Evening Post, March 5, 2015

This heavy snow that comes late in the winter has its own look.  The daylight, though grey with the storm, lasts longer than in mid-winter and in the early evening there is something about the grey and white as they fade into each other that is quite unlike any other scene or season.  I remember a few of such days in my early childhood.  By March all of us were tired of sleds and snowmen and weary of being held inside of rooms and we – maybe I should say “I” – vigorously sought some method or means of getting out of the house, breaking the monotony, but still staying out of the wet and cold.

For me at that time Roger Cooley’s store was a haven.  It was a store, of sorts.  In those days, when lots of older folks did not own cars and walked to buy groceries, there were such stores dotted throughout the neighborhoods.  On every third or fourth corner there was a tiny clapboard building with a candy counter and shelves of bread and canned goods.  Roger Cooley had taken things a little further.  His place not only sold bread and milk; he had a soda counter, jukebox and a linoleum dance floor big enough to park a car on.

I was still in elementary school then, and so the crowd there was older than me and took a dim view of my patronage of the place and that, of course, made it all the more attractive to me.  I remember a few details – the smell of chili dogs; the metal bases for the conical paper cups; the skinny straws, two to a wrapper; the signs hanging from strings on the ceiling advertising Sealtest ice cream.  All these things marks of sophistication in that world, in that day.

But the most memorable thing about Roger Cooley’s store was Sandy Drake.  She was five years older than me and in high school.  She lived just down the street from Cooley’s and I knew that if I could get out of the house and make my way there I would see her.  She wore sweaters and skirts and always a necklace and her chestnut hair was curled and flipped in the style of the day.  There were times when no one else was in the store when she would talk to me.  It was like she found me amusing.  She would ask me questions – about other kids in my class or what I was doing in school – and she always smiled and laughed at my answers.  She was the best dancer I had ever seen.

It is these late evenings in late winter that remind me of Cooley’s and Sandy Drake.  All things that have their day and pass away into the grey and white.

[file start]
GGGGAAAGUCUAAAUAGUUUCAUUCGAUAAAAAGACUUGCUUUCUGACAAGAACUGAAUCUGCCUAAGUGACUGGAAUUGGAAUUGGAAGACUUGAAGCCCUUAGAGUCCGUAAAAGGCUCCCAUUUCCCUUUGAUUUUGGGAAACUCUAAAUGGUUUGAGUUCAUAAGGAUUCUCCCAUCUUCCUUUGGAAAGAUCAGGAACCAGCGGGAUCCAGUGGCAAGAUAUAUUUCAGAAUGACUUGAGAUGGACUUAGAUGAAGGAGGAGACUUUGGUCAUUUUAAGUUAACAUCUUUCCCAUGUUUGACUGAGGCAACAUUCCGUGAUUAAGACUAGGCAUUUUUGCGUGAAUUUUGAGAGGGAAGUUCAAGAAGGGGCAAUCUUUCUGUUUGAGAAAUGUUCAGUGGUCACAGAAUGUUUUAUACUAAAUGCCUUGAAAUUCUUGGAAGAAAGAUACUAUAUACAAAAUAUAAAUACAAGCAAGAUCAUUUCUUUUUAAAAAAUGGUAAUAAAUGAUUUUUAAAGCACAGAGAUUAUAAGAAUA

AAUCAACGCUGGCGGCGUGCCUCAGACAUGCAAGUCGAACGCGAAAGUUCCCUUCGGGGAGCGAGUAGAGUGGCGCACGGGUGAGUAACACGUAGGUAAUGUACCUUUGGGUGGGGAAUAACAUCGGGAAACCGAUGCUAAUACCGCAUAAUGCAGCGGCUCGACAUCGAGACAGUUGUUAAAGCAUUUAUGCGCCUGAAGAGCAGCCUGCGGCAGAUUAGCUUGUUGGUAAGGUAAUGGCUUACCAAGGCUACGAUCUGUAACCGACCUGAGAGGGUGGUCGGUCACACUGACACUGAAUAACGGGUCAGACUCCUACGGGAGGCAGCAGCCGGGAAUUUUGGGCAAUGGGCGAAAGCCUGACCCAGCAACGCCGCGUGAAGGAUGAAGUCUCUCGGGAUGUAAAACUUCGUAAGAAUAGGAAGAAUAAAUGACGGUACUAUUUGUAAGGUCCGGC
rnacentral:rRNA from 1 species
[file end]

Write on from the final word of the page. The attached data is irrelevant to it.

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5 Responses to Evening Post, March 5, 2015

  1. I remember the name “Cooley’s” but don’t have a memory of the actual place. Where was it?

  2. labeak52 says:

    Cooley’s Grocery was right across Hansford Street from Saint Timothy’s United Methodist Church (used to be the EUB church) Its right across the intersection from where your mom’s parents lived. The real place I was writing about was down across from the northwest corner of the Hansford School Campus, but I forgot what the name of that place was. It really did have a dance floor.

  3. Same Cooley that mowed grass in his later years?

  4. labeak52 says:

    I don’t know about that. Seems like the place that was the grocery store might later have been home to a mowing business of some kind, but I’m not even sure about that. Doubly unsure about whether Cooley was the owner of any such business. I have a very vague recollection of Mr. Cooley and it is probably wrong. But I remember him as a dark-haired guy with glasses and a bit on the heavy side. A little like Arnold Moore.

    Cooley’s was more of a real grocery store than the rest of those little places. It may have had more than one check-out line. He also posted those hand-lettered signs in the windows (those widows have been bricked over). You know, the ones like in Mayberry – “ONIONS – 5lbs – 27 cents.”

  5. labeak52 says:

    Jenny and her sister used to ride their bikes from their house on Benedict Circle over to Cooley’s to get popsicles.

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